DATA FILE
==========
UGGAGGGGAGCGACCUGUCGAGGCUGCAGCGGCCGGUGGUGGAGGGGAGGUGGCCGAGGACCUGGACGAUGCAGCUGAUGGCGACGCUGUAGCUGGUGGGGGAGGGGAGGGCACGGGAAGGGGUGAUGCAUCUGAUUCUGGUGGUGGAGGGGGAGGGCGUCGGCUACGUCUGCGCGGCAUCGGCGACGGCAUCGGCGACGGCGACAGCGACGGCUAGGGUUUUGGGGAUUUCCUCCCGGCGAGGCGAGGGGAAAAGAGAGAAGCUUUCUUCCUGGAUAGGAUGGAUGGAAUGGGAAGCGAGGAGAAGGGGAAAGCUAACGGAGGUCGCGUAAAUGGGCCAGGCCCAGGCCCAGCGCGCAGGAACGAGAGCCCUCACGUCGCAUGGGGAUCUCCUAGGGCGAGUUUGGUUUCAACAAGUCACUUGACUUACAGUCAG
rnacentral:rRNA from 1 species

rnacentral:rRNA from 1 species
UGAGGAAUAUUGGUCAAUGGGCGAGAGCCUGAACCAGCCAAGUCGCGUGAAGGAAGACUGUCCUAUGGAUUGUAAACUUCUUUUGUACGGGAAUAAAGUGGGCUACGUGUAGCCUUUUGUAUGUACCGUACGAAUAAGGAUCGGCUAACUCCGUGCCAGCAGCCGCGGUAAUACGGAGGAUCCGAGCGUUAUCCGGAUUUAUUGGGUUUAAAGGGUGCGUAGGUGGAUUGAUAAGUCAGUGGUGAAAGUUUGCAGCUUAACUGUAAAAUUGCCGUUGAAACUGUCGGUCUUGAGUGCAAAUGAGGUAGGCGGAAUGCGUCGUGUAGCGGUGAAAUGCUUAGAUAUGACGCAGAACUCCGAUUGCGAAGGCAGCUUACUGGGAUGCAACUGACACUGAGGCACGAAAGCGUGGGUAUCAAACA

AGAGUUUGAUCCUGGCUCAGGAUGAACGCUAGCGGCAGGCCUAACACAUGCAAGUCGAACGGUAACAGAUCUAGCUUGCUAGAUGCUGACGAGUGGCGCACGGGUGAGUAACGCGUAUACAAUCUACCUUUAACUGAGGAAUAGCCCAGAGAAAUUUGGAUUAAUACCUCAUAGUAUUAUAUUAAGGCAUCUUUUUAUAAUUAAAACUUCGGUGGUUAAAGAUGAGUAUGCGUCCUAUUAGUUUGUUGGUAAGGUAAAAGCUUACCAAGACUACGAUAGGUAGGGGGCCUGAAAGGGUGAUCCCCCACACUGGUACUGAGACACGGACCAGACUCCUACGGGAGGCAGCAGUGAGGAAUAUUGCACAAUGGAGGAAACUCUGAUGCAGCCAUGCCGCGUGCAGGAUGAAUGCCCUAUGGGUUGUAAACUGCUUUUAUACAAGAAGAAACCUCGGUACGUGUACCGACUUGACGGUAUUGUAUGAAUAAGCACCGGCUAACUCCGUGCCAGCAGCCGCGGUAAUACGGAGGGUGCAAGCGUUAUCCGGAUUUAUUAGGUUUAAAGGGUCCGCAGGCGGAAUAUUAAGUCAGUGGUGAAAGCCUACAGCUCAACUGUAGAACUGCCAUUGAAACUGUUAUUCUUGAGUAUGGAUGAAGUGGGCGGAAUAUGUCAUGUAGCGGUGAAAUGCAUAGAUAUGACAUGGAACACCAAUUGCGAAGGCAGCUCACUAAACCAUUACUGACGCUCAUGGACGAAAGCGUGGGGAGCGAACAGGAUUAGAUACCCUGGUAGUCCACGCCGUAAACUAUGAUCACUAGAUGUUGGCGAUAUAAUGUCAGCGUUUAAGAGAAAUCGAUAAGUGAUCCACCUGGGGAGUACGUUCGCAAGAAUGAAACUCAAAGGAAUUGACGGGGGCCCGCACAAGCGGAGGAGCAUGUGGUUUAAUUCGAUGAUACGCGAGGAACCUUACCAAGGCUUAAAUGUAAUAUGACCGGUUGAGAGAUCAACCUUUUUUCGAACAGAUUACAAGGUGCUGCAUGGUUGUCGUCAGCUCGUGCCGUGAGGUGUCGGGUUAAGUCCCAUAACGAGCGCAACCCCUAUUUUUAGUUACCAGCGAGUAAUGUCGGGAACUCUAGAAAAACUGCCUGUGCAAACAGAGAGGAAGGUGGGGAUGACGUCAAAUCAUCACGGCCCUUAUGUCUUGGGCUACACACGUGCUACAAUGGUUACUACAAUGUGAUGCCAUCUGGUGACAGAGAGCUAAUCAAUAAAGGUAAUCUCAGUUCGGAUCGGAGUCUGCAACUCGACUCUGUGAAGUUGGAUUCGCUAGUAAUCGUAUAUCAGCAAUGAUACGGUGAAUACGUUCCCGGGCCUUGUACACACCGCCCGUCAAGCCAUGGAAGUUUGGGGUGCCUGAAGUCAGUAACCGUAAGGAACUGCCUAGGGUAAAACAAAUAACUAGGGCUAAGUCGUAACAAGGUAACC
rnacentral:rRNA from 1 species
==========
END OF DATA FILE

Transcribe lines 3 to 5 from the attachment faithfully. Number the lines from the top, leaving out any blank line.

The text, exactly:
rnacentral:rRNA from 1 species
UGAGGAAUAUUGGUCAAUGGGCGAGAGCCUGAACCAGCCAAGUCGCGUGAAGGAAGACUGUCCUAUGGAUUGUAAACUUCUUUUGUACGGGAAUAAAGUGGGCUACGUGUAGCCUUUUGUAUGUACCGUACGAAUAAGGAUCGGCUAACUCCGUGCCAGCAGCCGCGGUAAUACGGAGGAUCCGAGCGUUAUCCGGAUUUAUUGGGUUUAAAGGGUGCGUAGGUGGAUUGAUAAGUCAGUGGUGAAAGUUUGCAGCUUAACUGUAAAAUUGCCGUUGAAACUGUCGGUCUUGAGUGCAAAUGAGGUAGGCGGAAUGCGUCGUGUAGCGGUGAAAUGCUUAGAUAUGACGCAGAACUCCGAUUGCGAAGGCAGCUUACUGGGAUGCAACUGACACUGAGGCACGAAAGCGUGGGUAUCAAACA

AGAGUUUGAUCCUGGCUCAGGAUGAACGCUAGCGGCAGGCCUAACACAUGCAAGUCGAACGGUAACAGAUCUAGCUUGCUAGAUGCUGACGAGUGGCGCACGGGUGAGUAACGCGUAUACAAUCUACCUUUAACUGAGGAAUAGCCCAGAGAAAUUUGGAUUAAUACCUCAUAGUAUUAUAUUAAGGCAUCUUUUUAUAAUUAAAACUUCGGUGGUUAAAGAUGAGUAUGCGUCCUAUUAGUUUGUUGGUAAGGUAAAAGCUUACCAAGACUACGAUAGGUAGGGGGCCUGAAAGGGUGAUCCCCCACACUGGUACUGAGACACGGACCAGACUCCUACGGGAGGCAGCAGUGAGGAAUAUUGCACAAUGGAGGAAACUCUGAUGCAGCCAUGCCGCGUGCAGGAUGAAUGCCCUAUGGGUUGUAAACUGCUUUUAUACAAGAAGAAACCUCGGUACGUGUACCGACUUGACGGUAUUGUAUGAAUAAGCACCGGCUAACUCCGUGCCAGCAGCCGCGGUAAUACGGAGGGUGCAAGCGUUAUCCGGAUUUAUUAGGUUUAAAGGGUCCGCAGGCGGAAUAUUAAGUCAGUGGUGAAAGCCUACAGCUCAACUGUAGAACUGCCAUUGAAACUGUUAUUCUUGAGUAUGGAUGAAGUGGGCGGAAUAUGUCAUGUAGCGGUGAAAUGCAUAGAUAUGACAUGGAACACCAAUUGCGAAGGCAGCUCACUAAACCAUUACUGACGCUCAUGGACGAAAGCGUGGGGAGCGAACAGGAUUAGAUACCCUGGUAGUCCACGCCGUAAACUAUGAUCACUAGAUGUUGGCGAUAUAAUGUCAGCGUUUAAGAGAAAUCGAUAAGUGAUCCACCUGGGGAGUACGUUCGCAAGAAUGAAACUCAAAGGAAUUGACGGGGGCCCGCACAAGCGGAGGAGCAUGUGGUUUAAUUCGAUGAUACGCGAGGAACCUUACCAAGGCUUAAAUGUAAUAUGACCGGUUGAGAGAUCAACCUUUUUUCGAACAGAUUACAAGGUGCUGCAUGGUUGUCGUCAGCUCGUGCCGUGAGGUGUCGGGUUAAGUCCCAUAACGAGCGCAACCCCUAUUUUUAGUUACCAGCGAGUAAUGUCGGGAACUCUAGAAAAACUGCCUGUGCAAACAGAGAGGAAGGUGGGGAUGACGUCAAAUCAUCACGGCCCUUAUGUCUUGGGCUACACACGUGCUACAAUGGUUACUACAAUGUGAUGCCAUCUGGUGACAGAGAGCUAAUCAAUAAAGGUAAUCUCAGUUCGGAUCGGAGUCUGCAACUCGACUCUGUGAAGUUGGAUUCGCUAGUAAUCGUAUAUCAGCAAUGAUACGGUGAAUACGUUCCCGGGCCUUGUACACACCGCCCGUCAAGCCAUGGAAGUUUGGGGUGCCUGAAGUCAGUAACCGUAAGGAACUGCCUAGGGUAAAACAAAUAACUAGGGCUAAGUCGUAACAAGGUAACC